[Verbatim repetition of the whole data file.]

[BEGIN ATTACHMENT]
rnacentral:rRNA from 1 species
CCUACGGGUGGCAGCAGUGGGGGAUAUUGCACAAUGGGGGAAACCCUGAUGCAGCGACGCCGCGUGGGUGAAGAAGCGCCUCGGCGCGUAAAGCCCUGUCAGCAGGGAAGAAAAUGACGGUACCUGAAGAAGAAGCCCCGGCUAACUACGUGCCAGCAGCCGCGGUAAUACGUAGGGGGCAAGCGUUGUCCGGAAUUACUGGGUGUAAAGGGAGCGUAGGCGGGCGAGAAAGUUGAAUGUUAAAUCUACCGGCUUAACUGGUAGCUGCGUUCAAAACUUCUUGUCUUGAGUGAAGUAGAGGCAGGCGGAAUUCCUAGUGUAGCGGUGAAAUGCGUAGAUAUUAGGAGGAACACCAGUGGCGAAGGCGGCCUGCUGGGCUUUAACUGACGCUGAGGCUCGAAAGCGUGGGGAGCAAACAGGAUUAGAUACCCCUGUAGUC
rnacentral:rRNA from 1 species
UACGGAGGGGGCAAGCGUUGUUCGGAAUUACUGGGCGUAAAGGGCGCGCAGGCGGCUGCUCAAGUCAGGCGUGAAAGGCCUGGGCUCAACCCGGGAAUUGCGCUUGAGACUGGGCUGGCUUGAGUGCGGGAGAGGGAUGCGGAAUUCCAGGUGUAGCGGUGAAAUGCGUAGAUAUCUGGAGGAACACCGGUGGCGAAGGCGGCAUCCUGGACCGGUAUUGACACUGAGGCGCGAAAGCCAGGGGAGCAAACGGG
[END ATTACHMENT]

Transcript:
rnacentral:rRNA from 1 species
CCUACGGGUGGCAGCAGUGGGGGAUAUUGCACAAUGGGGGAAACCCUGAUGCAGCGACGCCGCGUGGGUGAAGAAGCGCCUCGGCGCGUAAAGCCCUGUCAGCAGGGAAGAAAAUGACGGUACCUGAAGAAGAAGCCCCGGCUAACUACGUGCCAGCAGCCGCGGUAAUACGUAGGGGGCAAGCGUUGUCCGGAAUUACUGGGUGUAAAGGGAGCGUAGGCGGGCGAGAAAGUUGAAUGUUAAAUCUACCGGCUUAACUGGUAGCUGCGUUCAAAACUUCUUGUCUUGAGUGAAGUAGAGGCAGGCGGAAUUCCUAGUGUAGCGGUGAAAUGCGUAGAUAUUAGGAGGAACACCAGUGGCGAAGGCGGCCUGCUGGGCUUUAACUGACGCUGAGGCUCGAAAGCGUGGGGAGCAAACAGGAUUAGAUACCCCUGUAGUC
rnacentral:rRNA from 1 species
UACGGAGGGGGCAAGCGUUGUUCGGAAUUACUGGGCGUAAAGGGCGCGCAGGCGGCUGCUCAAGUCAGGCGUGAAAGGCCUGGGCUCAACCCGGGAAUUGCGCUUGAGACUGGGCUGGCUUGAGUGCGGGAGAGGGAUGCGGAAUUCCAGGUGUAGCGGUGAAAUGCGUAGAUAUCUGGAGGAACACCGGUGGCGAAGGCGGCAUCCUGGACCGGUAUUGACACUGAGGCGCGAAAGCCAGGGGAGCAAACGGG